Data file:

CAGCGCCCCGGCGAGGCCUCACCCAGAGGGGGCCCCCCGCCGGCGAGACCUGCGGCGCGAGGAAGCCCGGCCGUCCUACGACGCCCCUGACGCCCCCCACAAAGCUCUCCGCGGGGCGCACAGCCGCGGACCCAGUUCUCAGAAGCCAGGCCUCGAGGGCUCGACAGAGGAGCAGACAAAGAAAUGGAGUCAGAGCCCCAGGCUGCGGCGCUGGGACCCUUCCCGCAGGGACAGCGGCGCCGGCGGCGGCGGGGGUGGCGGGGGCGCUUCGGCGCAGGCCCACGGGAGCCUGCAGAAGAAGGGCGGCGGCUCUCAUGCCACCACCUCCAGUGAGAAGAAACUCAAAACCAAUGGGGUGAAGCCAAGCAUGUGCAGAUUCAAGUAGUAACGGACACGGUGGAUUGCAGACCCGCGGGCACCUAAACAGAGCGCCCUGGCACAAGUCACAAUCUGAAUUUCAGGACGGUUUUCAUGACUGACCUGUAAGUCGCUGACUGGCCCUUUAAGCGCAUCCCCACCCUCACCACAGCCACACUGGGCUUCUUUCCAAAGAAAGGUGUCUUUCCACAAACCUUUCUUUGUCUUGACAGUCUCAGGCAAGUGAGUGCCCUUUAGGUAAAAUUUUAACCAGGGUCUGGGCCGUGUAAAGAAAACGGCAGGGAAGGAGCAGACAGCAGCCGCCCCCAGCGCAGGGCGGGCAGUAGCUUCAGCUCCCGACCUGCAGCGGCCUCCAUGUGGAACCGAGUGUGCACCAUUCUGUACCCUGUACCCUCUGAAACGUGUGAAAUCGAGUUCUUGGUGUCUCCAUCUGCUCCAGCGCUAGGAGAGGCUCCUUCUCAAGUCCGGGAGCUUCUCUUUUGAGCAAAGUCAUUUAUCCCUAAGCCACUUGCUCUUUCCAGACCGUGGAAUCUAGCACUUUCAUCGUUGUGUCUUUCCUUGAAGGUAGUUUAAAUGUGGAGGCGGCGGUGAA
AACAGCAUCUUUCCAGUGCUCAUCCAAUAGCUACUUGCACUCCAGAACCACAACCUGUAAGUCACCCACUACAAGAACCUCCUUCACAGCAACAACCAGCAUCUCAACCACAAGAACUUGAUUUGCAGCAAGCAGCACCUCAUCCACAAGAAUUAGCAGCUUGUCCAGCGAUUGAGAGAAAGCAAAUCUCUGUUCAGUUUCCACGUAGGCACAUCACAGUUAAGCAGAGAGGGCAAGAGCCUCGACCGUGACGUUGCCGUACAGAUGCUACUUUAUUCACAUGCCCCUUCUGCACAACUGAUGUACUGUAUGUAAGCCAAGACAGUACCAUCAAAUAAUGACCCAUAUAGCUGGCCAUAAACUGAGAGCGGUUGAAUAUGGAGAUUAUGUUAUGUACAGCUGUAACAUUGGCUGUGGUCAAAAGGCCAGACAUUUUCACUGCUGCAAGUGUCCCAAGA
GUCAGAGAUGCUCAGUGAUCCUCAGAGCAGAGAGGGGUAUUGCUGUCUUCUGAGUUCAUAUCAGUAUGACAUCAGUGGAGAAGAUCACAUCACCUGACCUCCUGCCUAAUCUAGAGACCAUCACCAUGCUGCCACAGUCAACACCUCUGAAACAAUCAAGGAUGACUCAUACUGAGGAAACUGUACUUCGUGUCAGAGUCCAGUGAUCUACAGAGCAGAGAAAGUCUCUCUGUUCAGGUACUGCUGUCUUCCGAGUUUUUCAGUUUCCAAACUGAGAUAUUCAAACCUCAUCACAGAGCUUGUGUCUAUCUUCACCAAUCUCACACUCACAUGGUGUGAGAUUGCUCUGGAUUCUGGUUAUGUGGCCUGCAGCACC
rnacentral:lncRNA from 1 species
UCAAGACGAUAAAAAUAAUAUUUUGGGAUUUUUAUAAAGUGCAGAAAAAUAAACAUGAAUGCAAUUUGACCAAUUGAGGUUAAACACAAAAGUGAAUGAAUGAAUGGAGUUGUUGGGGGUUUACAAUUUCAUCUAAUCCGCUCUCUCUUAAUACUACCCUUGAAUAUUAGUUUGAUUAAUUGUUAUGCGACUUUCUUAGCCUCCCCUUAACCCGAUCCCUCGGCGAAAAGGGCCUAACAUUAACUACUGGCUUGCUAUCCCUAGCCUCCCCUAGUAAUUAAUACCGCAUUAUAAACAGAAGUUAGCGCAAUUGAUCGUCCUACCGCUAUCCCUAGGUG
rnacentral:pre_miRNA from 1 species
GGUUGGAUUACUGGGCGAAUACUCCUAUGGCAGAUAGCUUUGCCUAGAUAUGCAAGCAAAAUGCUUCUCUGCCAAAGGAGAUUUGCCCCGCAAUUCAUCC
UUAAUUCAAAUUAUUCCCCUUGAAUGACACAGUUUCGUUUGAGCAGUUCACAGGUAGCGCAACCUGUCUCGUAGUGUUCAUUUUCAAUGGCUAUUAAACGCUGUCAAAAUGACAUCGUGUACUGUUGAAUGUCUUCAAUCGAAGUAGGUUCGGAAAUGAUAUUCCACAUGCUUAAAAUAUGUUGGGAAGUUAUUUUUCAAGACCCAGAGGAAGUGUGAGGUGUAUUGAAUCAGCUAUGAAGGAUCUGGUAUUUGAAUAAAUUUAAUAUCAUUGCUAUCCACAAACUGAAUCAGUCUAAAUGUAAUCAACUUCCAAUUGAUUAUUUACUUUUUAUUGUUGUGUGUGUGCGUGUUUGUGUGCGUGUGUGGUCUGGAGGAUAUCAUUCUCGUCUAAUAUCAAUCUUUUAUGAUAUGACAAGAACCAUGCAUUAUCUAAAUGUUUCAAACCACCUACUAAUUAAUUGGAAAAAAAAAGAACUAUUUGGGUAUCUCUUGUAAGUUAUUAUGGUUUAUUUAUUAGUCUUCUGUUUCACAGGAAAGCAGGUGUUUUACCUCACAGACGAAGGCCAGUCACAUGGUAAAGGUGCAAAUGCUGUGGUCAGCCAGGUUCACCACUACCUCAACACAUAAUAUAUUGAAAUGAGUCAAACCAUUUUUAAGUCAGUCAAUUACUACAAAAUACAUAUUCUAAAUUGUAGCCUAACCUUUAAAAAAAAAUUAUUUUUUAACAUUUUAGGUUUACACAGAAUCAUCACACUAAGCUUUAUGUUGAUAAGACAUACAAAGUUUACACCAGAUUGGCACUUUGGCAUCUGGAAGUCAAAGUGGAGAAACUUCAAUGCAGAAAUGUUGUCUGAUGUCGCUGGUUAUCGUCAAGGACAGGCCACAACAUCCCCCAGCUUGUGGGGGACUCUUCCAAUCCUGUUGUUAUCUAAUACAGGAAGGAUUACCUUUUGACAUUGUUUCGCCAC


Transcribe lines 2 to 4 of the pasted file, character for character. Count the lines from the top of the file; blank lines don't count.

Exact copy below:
AACAGCAUCUUUCCAGUGCUCAUCCAAUAGCUACUUGCACUCCAGAACCACAACCUGUAAGUCACCCACUACAAGAACCUCCUUCACAGCAACAACCAGCAUCUCAACCACAAGAACUUGAUUUGCAGCAAGCAGCACCUCAUCCACAAGAAUUAGCAGCUUGUCCAGCGAUUGAGAGAAAGCAAAUCUCUGUUCAGUUUCCACGUAGGCACAUCACAGUUAAGCAGAGAGGGCAAGAGCCUCGACCGUGACGUUGCCGUACAGAUGCUACUUUAUUCACAUGCCCCUUCUGCACAACUGAUGUACUGUAUGUAAGCCAAGACAGUACCAUCAAAUAAUGACCCAUAUAGCUGGCCAUAAACUGAGAGCGGUUGAAUAUGGAGAUUAUGUUAUGUACAGCUGUAACAUUGGCUGUGGUCAAAAGGCCAGACAUUUUCACUGCUGCAAGUGUCCCAAGA
GUCAGAGAUGCUCAGUGAUCCUCAGAGCAGAGAGGGGUAUUGCUGUCUUCUGAGUUCAUAUCAGUAUGACAUCAGUGGAGAAGAUCACAUCACCUGACCUCCUGCCUAAUCUAGAGACCAUCACCAUGCUGCCACAGUCAACACCUCUGAAACAAUCAAGGAUGACUCAUACUGAGGAAACUGUACUUCGUGUCAGAGUCCAGUGAUCUACAGAGCAGAGAAAGUCUCUCUGUUCAGGUACUGCUGUCUUCCGAGUUUUUCAGUUUCCAAACUGAGAUAUUCAAACCUCAUCACAGAGCUUGUGUCUAUCUUCACCAAUCUCACACUCACAUGGUGUGAGAUUGCUCUGGAUUCUGGUUAUGUGGCCUGCAGCACC
rnacentral:lncRNA from 1 species